07 April 2008

Bachelorhood


117/366 Yucky I
Originally uploaded by csquard

I assume this is what I would look like if I was a bachelor all the time (or I would become a bachelor if I looked like this most of the time). Not that I'm a looker by any stretch of the imagination, but Yuck!

Nothing quite like a post about a recent California judge's ruling that home schooling is illegal if a parent is not a certified teacher to get the juices flowing on a Monday. The case will be reconsidered by California's appeals court.

When we first started going to our church here in the ATL, education discussions would always shift to either the church's school or home schooling whenever we were with other couples. Home schooling was viewed as a matter-of-fact superior option to public education, as was Christian schools. It seemed as the force rankings were Home School, Christian Schools, Private School, and Public Schools.

My wife and I have always been public school folks, each of us coming from public schools in the South (hers surely a better school than ours in my town of 18,000 in Mississippi, although mine was highly rated in the state). Like many arguments, it is easy to have an opinion on the matter until you have children impacted by those choices. Then, the decisions become more real and pressing.

I still come out strongly in favor of public education. The schools are the single most important criteria for our decision to live in this subdivision. I would say the quality of schools is probably 75% of the importance as to where we live, with the nearest other criteria being 10-15% (and I don't even know what that criteria would be).

My wife has two Bachelor of Science degrees (Chemistry from Furman and Chemical Engineering from Georgia Tech), and I'm sure she would be a great teacher to the boys or to other children if it was something she wanted to do. It would seem to be much easier to manipulate the morals and values of our three boys if we home schooled them or had them in a Christian school that shared most of our values. And believe me, it isn't an argument to be taken lightly with so much personal risk confronting our children, much less the academic development relying on their eduction system and capabilities.

Yet it is precisely for the diverse and challenging environment and students that they go to school with that we've decided to have them in the public school system. We want our boys to grow into men that share our values and excel academically. To that end, I feel that putting them into a big pond with ongoing involvement by my wife primarily (and me to a lesser extent) gives them the best chance to excel.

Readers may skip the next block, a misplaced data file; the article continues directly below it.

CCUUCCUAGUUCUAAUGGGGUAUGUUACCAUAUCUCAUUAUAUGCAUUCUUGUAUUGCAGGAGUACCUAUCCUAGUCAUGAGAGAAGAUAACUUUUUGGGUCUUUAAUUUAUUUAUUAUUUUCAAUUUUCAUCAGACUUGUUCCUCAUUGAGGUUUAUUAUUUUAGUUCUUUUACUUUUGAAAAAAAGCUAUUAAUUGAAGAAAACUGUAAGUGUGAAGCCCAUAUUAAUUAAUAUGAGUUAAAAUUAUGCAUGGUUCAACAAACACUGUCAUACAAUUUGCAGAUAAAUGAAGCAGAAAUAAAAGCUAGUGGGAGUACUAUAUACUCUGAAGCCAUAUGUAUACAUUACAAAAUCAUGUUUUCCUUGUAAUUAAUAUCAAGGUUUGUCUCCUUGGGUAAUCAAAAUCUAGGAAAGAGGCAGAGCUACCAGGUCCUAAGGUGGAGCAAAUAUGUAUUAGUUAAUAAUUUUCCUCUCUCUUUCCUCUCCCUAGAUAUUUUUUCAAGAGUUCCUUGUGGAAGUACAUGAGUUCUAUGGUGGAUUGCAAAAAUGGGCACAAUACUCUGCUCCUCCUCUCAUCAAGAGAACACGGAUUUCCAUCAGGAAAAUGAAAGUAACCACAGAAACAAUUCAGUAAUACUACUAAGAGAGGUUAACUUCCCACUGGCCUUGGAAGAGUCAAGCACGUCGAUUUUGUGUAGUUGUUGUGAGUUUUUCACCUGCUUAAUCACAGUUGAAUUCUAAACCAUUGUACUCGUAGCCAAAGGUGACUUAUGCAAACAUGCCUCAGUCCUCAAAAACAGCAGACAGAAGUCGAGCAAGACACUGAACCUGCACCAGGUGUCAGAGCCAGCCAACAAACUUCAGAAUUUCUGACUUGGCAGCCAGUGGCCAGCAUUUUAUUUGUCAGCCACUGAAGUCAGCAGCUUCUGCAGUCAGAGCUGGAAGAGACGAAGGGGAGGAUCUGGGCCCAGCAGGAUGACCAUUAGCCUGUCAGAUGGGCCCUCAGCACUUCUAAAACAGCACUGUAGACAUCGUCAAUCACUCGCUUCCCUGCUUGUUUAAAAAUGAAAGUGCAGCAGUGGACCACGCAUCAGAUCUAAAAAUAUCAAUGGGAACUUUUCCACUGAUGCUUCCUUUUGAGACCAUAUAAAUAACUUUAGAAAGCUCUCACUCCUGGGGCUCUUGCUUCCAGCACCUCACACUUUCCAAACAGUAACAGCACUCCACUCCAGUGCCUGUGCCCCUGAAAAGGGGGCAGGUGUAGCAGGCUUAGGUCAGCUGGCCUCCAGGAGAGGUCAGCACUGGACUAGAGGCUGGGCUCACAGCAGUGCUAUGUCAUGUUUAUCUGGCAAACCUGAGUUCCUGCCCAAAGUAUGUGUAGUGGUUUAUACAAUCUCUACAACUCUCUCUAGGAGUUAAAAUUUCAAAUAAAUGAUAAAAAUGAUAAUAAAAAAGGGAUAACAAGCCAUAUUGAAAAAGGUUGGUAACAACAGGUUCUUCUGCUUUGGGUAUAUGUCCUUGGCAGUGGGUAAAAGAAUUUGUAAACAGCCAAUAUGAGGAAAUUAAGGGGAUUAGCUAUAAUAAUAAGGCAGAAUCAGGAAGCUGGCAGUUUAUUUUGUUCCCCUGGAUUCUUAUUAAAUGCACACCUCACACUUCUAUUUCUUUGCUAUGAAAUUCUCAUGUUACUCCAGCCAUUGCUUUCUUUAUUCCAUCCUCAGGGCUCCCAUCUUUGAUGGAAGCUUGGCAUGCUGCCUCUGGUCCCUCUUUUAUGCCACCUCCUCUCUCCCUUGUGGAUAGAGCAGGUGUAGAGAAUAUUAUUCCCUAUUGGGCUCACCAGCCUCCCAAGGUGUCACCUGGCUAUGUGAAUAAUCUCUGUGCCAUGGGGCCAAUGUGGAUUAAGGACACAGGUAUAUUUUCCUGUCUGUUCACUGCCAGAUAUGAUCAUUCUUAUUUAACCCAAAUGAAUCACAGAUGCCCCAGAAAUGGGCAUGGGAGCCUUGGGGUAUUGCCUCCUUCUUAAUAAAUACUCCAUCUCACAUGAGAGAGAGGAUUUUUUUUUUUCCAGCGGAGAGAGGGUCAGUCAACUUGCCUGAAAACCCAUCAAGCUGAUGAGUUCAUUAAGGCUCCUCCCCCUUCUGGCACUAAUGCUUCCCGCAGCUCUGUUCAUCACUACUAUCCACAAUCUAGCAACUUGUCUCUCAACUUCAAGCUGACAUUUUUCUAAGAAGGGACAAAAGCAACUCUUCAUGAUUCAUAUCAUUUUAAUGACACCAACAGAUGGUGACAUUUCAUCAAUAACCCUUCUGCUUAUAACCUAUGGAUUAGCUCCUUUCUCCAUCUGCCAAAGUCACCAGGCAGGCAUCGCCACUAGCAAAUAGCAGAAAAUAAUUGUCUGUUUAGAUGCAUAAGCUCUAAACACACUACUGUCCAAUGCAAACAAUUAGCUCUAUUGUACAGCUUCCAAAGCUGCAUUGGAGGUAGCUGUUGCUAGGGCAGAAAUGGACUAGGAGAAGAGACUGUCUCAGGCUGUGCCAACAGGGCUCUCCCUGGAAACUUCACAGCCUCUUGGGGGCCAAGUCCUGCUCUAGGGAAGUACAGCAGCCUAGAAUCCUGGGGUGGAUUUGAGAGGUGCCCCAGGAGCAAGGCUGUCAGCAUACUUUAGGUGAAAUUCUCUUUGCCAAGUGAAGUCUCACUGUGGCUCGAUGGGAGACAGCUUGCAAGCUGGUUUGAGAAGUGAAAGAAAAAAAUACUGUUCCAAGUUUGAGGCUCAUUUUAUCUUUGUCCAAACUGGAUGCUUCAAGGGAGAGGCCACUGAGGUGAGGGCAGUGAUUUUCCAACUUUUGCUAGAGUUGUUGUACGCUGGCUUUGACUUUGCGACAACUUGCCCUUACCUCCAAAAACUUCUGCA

Of course, I've never really investigated alternatives very seriously, so I may simply be naive. Still, I'm very happy that our boys are in great schools where they are challenged and enjoy themselves.

Thoughts?

3 Comments:

Blogger Standing Around Breathing said...

As someone who graduated a "homeschooler," I have to say that parental involvement is the key, period. My parents basically turned me loose and let me work at my own pace, which meant as fast as I could, doing what I had to to get by. They were not involved in the process beyond grading my papers and getting me a tutor when I needed it(I still hate math). On the other hand, I am not interested in the slightest in homeschooling. Four of my six are in public school and are excelling. One is in Christian private school because it fits our schedule for her and the baby is in daycare. She'll follow into the same private school, but both will end up in public school because we feel that more opportunities exist there, both academically and socially. We are very hands on, involved in whatever activities that come up (requiring alot of gritting of teeth on my part). We are involved in our church as well, so we try to be as rounded as possible.
I hated being homeschool and feel like it contributed to me taking flight at the first possible chance, going off into the deep end. That isn't say that it fails for everyone but I know more kids who have been homeschooled and end up as "wild child" or worse! The end result among a great many of the homeschooling families resembles inbreeding and cults.
Just my thoughts. . .

9:19 PM  
Blogger CC said...

"I have to say that parental involvement is the key, period." 100% agree, and I think this has to supersede most other criteria when it comes to excelling in education. We're fortunate in that my wife is at home and able to be intimately involved in the details of the boys education. We talk frequently about how difficult it must be for the children and parents of dual-income households, as well as single parents.

Thanks for the perspective.

12:13 AM  
Blogger The Wife said...

I'm with you - I think public school is fine as long as you're involved in what they are doing/learning. It is hard to be involved, especially with two people working. . . . and you look much cuter when your wife is around. Just FYI.

12:52 AM  

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